Rejection is a nasty feeling; it is like a wave crashing on top of you, leaving no room to breathe or come up for a single gasp of air. You don’t do everything gay people do; you don’t watch everything gay people watch, they said. Disappointed. Disappointed in me, in my community, in this society. How do I recover from this? Where is the way out? Self-acceptance was my escape, looking within myself and finding that acceptance is what delivered me to be happy and feeling safe. I would have never imagined that self-acceptance could transcend acceptance of that community. My identity now accepts this version of self-expression.
My identity has never been so three dimensional as it is now, allowing every event and struggle in my life to only compliment itself. This sense of knowing your identity is familiar in nature, yet being able to produce a personal truth that can act as an individual inspiration for every one of you is my intention. We are all humans that strive to belong to something, to belong to someone. How we see ourselves is pertinent to how we will be ourselves. To conclude, I will be leaving you with a quote, “Unlike a drop of water which loses its identity when it joins the ocean, man or woman does not lose their being in the society in which they live. A man or a woman’s life is independent. He or she is born not for the development of the society alone, but the development of his or her self.”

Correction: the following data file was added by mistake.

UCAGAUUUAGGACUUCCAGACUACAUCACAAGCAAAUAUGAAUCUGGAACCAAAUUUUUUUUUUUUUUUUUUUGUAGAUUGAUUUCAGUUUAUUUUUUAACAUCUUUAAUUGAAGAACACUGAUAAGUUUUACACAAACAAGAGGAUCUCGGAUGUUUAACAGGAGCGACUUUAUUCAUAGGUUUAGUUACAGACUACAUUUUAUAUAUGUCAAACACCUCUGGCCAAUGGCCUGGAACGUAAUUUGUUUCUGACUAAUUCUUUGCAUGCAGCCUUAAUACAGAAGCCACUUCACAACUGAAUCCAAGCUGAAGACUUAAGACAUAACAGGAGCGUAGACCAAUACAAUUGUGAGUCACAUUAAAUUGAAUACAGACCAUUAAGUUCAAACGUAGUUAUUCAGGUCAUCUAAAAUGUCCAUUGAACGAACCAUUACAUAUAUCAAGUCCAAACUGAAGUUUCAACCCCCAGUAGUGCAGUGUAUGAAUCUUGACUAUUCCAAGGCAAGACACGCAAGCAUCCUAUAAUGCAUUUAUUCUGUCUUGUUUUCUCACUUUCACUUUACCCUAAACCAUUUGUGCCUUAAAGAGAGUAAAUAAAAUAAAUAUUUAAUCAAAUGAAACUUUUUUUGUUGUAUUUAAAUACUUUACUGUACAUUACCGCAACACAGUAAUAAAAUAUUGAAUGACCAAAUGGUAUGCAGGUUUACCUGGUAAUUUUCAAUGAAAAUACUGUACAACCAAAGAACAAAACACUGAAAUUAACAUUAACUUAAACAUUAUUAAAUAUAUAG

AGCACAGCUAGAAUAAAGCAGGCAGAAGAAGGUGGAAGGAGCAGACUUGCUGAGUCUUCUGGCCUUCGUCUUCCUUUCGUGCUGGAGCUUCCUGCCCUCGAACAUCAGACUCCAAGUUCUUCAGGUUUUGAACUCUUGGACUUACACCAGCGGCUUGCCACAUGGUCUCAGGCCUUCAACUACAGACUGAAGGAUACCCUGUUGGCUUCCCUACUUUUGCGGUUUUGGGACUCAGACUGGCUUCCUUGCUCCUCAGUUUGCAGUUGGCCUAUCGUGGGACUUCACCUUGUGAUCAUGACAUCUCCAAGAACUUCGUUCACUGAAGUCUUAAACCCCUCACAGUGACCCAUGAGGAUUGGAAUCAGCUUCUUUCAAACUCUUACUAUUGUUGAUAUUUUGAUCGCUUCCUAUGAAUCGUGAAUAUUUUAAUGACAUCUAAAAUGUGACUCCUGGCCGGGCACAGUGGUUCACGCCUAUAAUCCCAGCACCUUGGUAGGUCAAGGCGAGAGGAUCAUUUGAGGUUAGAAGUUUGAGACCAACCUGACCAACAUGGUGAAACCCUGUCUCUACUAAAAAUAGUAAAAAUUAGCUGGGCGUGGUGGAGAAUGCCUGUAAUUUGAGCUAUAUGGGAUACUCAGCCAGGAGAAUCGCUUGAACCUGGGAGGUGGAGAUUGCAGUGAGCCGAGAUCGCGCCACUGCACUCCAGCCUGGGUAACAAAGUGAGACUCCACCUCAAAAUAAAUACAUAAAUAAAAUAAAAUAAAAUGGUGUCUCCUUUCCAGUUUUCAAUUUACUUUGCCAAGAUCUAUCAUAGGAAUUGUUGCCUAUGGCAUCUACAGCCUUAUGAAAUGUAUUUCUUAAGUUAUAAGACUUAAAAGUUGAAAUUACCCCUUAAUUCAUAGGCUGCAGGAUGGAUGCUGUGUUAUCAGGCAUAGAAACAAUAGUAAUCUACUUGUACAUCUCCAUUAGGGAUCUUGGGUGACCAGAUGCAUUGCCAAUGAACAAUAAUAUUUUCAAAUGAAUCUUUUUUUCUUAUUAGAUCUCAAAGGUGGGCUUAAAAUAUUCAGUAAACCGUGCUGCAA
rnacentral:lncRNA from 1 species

Author’s Bio: My name is Isaiah Ivory Jones and I am an aspiring writer. My hope is that my writing evokes a sense of hunger for refinement within the African American community and the LGBTQ+ community. There is an exponential amount of value that can be applied to one’s life through my work. We must remember through value we find perspective, we find truth, we find meaning, and most importantly we find each other.